Avoiding Junk Foods Can Cause Real Withdrawal

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Avoiding Junk Foods Can Cause Real Withdrawal
Avoiding Junk Foods Can Cause Real Withdrawal

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Avoiding junk foods can cause real withdrawal

Stopping eating unhealthy foods like hamburgers and pizza can cause withdrawal symptoms, according to a new American study. This condition can be compared to that experienced by drug addicts in the first days after quitting drugs. The results have been published in the new issue of Appetite magazine.

Avoiding junk foods can cause real withdrawal
Avoiding junk foods can cause real withdrawal

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Stopping eating unhealthy foods like hamburgers and pizza can cause withdrawal symptoms, according to a new American study. This condition can be compared to that experienced by drug addicts in the first days after quitting drugs. The results have been published in the new issue of Appetite magazine.

The new study is considered the first to assess withdrawal symptoms experienced by those who stop consuming highly processed foods such as baked goods, fries and pizza.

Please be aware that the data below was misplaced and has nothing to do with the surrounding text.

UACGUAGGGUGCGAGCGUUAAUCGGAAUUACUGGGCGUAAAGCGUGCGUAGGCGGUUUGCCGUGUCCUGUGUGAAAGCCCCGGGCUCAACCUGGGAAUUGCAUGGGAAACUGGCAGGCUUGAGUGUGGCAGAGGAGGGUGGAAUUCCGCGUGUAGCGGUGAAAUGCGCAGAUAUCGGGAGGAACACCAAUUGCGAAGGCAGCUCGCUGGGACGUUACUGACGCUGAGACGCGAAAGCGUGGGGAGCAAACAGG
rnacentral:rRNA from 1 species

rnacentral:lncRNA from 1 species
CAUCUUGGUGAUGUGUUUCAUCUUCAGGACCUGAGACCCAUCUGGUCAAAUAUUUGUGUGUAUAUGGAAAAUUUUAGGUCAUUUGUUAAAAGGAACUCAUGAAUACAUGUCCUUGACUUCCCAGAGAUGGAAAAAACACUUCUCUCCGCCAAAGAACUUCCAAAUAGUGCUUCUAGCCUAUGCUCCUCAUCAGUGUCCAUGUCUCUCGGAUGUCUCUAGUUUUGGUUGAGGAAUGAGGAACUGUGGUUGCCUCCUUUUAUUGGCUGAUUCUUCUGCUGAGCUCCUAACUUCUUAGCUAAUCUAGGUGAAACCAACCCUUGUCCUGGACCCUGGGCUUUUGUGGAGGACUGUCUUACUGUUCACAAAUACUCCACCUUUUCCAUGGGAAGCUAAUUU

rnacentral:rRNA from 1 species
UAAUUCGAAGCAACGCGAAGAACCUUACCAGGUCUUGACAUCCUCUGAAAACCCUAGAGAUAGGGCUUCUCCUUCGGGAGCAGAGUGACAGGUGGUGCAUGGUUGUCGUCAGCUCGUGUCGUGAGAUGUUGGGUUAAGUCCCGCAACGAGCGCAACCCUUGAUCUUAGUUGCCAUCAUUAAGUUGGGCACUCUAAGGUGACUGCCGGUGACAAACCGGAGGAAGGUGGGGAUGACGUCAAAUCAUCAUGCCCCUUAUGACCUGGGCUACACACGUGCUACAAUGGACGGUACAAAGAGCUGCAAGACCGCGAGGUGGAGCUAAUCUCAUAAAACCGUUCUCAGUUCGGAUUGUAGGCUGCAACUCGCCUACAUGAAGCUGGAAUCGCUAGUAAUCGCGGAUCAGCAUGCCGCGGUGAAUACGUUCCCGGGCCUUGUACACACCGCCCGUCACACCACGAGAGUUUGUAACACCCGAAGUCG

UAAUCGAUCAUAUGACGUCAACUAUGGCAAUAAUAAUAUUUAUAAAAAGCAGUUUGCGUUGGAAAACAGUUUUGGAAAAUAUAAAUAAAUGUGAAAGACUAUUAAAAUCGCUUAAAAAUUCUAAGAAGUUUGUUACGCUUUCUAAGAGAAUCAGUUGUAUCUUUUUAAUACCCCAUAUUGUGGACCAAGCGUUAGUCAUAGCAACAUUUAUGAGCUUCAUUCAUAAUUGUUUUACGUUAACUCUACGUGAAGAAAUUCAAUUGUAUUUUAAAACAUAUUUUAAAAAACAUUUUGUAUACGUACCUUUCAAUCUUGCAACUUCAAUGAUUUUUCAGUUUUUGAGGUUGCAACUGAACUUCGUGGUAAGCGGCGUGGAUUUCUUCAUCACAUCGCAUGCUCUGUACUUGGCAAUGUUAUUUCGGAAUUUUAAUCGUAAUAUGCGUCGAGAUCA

"Previous studies have focused on sugar withdrawal symptoms in animals, and the human literature has only been in isolated cases," says study lead author Erica Schulte of the University of Michigan.

Sugar and salt are known to make people addicted to salty and sugary foods, prompting people to eat impulsively, which leads to weight gain and poor health. And ignoring the body's pleas for another bottle of sugary soda, another hamburger, or a packet of chips can make people feel bad.

Researchers believe that in this case, dependence on a particular food works like dependence on drugs, tobacco or alcohol, which leads to unpleasant symptoms when quitting it. Anxiety, headaches, irritability and depression are just a few of these manifestations.

According to the researchers, understanding whether withdrawal occurs after stopping high-processed foods is the next step in assessing how addictive foods are.

Schulte and her colleagues created a methodology to measure the physical and psychological withdrawal symptoms of people, and then asked 231 people to report what happened when they reduced their consumption of processed foods compared to the previous year.

Participants reported that sadness, irritability, fatigue and cravings for these foods peaked in the first 2-5 days after they stopped eating unhealthy foods, and then these symptoms gradually faded away, which is similar to withdrawal symptoms after using drugs.

The researchers did not consider how abruptly the participants stopped eating unhealthy foods - either immediately or gradually reducing the amount. Schulte argues that future research should analyze the behavior of such people in real time, rather than rely on a retrospective approach.

"Research suggests that withdrawal symptoms can make dietary changes more difficult, which may encourage people to return to unhealthy eating habits," said study co-author Ashley Gearhardt, an assistant professor of psychology.

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